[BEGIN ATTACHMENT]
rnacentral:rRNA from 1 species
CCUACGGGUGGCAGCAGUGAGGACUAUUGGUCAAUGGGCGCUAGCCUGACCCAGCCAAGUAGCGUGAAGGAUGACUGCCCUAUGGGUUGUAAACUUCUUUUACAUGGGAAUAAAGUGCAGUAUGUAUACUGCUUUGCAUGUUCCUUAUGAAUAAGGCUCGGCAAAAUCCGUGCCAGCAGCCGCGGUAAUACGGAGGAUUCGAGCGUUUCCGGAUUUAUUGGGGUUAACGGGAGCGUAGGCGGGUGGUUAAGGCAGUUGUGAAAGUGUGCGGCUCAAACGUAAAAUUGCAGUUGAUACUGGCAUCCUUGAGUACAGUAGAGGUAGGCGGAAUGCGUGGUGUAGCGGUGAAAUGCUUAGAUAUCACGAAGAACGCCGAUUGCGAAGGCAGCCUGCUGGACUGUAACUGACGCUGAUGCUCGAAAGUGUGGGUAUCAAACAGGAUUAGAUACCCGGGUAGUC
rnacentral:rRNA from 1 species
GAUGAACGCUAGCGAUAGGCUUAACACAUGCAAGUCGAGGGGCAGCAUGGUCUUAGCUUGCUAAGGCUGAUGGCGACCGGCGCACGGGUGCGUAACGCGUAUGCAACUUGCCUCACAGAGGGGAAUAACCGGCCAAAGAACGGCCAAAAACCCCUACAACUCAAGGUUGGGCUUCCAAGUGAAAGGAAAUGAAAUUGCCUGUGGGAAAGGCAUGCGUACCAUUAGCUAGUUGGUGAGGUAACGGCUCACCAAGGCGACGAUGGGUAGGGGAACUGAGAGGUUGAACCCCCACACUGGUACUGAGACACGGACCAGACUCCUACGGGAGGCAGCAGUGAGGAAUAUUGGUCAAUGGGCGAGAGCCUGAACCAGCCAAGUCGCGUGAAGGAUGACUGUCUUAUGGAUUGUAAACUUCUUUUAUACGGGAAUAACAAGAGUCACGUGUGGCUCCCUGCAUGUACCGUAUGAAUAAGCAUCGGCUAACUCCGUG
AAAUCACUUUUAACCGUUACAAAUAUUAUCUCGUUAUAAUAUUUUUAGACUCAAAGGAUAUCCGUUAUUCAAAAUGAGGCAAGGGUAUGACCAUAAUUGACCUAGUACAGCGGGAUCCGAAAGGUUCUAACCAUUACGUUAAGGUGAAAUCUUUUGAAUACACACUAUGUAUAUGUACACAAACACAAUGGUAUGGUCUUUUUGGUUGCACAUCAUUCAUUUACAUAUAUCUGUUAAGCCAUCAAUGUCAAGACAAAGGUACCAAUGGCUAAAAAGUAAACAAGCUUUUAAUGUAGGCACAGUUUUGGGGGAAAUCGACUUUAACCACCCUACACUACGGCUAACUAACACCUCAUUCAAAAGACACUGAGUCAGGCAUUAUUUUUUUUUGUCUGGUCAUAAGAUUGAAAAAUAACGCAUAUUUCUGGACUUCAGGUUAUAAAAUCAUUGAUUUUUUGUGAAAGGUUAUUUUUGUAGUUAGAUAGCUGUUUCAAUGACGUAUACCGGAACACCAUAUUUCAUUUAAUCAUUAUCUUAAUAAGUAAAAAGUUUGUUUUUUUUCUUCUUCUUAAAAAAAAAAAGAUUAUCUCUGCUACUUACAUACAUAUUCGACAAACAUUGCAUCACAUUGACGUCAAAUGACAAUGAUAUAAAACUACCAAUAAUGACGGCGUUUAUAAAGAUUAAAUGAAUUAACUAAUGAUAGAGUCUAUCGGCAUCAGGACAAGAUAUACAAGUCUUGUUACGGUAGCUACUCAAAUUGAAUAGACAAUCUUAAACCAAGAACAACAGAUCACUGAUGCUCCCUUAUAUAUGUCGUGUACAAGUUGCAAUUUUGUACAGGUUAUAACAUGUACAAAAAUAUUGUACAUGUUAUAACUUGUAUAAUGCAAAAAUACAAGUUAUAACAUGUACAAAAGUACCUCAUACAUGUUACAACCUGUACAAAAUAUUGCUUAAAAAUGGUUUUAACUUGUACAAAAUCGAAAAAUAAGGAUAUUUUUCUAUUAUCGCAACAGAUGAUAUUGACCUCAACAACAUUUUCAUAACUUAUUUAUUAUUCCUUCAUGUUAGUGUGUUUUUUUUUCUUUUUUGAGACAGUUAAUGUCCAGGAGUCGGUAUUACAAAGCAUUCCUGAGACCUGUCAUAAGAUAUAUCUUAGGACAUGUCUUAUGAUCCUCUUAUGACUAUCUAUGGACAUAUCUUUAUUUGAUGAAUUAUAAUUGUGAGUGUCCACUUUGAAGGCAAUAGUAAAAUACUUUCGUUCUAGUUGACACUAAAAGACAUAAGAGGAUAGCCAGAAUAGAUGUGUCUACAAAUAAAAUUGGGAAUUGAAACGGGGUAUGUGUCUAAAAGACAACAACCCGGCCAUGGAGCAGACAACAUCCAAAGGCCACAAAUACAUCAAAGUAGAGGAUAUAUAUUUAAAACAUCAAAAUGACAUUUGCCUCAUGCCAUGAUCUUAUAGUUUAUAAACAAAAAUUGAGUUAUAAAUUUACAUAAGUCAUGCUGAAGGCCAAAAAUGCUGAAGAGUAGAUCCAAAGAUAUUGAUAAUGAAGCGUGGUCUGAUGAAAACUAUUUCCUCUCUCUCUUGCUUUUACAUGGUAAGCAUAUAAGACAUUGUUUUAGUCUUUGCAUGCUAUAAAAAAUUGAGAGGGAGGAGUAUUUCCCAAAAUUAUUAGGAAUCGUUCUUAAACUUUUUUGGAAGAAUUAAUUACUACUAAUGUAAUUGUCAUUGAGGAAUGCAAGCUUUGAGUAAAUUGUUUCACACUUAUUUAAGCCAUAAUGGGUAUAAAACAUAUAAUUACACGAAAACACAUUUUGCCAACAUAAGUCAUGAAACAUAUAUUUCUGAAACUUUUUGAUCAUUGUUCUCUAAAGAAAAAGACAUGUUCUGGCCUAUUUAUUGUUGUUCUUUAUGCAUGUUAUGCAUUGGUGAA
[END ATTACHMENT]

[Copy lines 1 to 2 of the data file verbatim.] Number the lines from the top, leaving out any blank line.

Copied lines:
rnacentral:rRNA from 1 species
CCUACGGGUGGCAGCAGUGAGGACUAUUGGUCAAUGGGCGCUAGCCUGACCCAGCCAAGUAGCGUGAAGGAUGACUGCCCUAUGGGUUGUAAACUUCUUUUACAUGGGAAUAAAGUGCAGUAUGUAUACUGCUUUGCAUGUUCCUUAUGAAUAAGGCUCGGCAAAAUCCGUGCCAGCAGCCGCGGUAAUACGGAGGAUUCGAGCGUUUCCGGAUUUAUUGGGGUUAACGGGAGCGUAGGCGGGUGGUUAAGGCAGUUGUGAAAGUGUGCGGCUCAAACGUAAAAUUGCAGUUGAUACUGGCAUCCUUGAGUACAGUAGAGGUAGGCGGAAUGCGUGGUGUAGCGGUGAAAUGCUUAGAUAUCACGAAGAACGCCGAUUGCGAAGGCAGCCUGCUGGACUGUAACUGACGCUGAUGCUCGAAAGUGUGGGUAUCAAACAGGAUUAGAUACCCGGGUAGUC